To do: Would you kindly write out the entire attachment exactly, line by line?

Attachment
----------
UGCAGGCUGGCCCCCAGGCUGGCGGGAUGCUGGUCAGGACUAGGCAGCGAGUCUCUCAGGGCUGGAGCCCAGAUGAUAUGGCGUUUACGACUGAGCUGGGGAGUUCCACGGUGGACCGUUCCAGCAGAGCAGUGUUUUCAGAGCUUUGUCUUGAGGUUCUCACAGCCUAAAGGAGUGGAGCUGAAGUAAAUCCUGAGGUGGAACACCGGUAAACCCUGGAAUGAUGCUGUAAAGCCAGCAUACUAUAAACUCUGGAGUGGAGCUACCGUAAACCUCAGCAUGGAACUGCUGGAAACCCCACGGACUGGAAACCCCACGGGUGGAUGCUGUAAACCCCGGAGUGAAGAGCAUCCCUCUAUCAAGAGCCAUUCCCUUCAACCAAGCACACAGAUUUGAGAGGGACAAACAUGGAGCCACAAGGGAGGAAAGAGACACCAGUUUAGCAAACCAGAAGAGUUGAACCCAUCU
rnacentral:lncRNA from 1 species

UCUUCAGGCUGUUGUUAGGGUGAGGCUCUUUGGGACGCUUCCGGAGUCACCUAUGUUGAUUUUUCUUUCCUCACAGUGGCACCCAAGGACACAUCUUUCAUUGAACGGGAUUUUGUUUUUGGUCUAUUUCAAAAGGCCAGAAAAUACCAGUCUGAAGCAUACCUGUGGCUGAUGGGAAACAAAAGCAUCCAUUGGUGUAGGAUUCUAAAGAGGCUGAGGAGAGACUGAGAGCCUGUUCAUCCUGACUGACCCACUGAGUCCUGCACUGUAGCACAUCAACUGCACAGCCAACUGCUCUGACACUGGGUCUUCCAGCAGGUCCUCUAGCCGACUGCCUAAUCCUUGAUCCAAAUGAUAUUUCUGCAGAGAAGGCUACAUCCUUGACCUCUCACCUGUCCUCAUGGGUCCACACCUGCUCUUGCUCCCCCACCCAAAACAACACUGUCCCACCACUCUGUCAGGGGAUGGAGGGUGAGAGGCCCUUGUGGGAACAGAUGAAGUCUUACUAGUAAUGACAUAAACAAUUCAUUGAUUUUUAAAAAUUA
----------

UGCAGGCUGGCCCCCAGGCUGGCGGGAUGCUGGUCAGGACUAGGCAGCGAGUCUCUCAGGGCUGGAGCCCAGAUGAUAUGGCGUUUACGACUGAGCUGGGGAGUUCCACGGUGGACCGUUCCAGCAGAGCAGUGUUUUCAGAGCUUUGUCUUGAGGUUCUCACAGCCUAAAGGAGUGGAGCUGAAGUAAAUCCUGAGGUGGAACACCGGUAAACCCUGGAAUGAUGCUGUAAAGCCAGCAUACUAUAAACUCUGGAGUGGAGCUACCGUAAACCUCAGCAUGGAACUGCUGGAAACCCCACGGACUGGAAACCCCACGGGUGGAUGCUGUAAACCCCGGAGUGAAGAGCAUCCCUCUAUCAAGAGCCAUUCCCUUCAACCAAGCACACAGAUUUGAGAGGGACAAACAUGGAGCCACAAGGGAGGAAAGAGACACCAGUUUAGCAAACCAGAAGAGUUGAACCCAUCU
rnacentral:lncRNA from 1 species

UCUUCAGGCUGUUGUUAGGGUGAGGCUCUUUGGGACGCUUCCGGAGUCACCUAUGUUGAUUUUUCUUUCCUCACAGUGGCACCCAAGGACACAUCUUUCAUUGAACGGGAUUUUGUUUUUGGUCUAUUUCAAAAGGCCAGAAAAUACCAGUCUGAAGCAUACCUGUGGCUGAUGGGAAACAAAAGCAUCCAUUGGUGUAGGAUUCUAAAGAGGCUGAGGAGAGACUGAGAGCCUGUUCAUCCUGACUGACCCACUGAGUCCUGCACUGUAGCACAUCAACUGCACAGCCAACUGCUCUGACACUGGGUCUUCCAGCAGGUCCUCUAGCCGACUGCCUAAUCCUUGAUCCAAAUGAUAUUUCUGCAGAGAAGGCUACAUCCUUGACCUCUCACCUGUCCUCAUGGGUCCACACCUGCUCUUGCUCCCCCACCCAAAACAACACUGUCCCACCACUCUGUCAGGGGAUGGAGGGUGAGAGGCCCUUGUGGGAACAGAUGAAGUCUUACUAGUAAUGACAUAAACAAUUCAUUGAUUUUUAAAAAUUA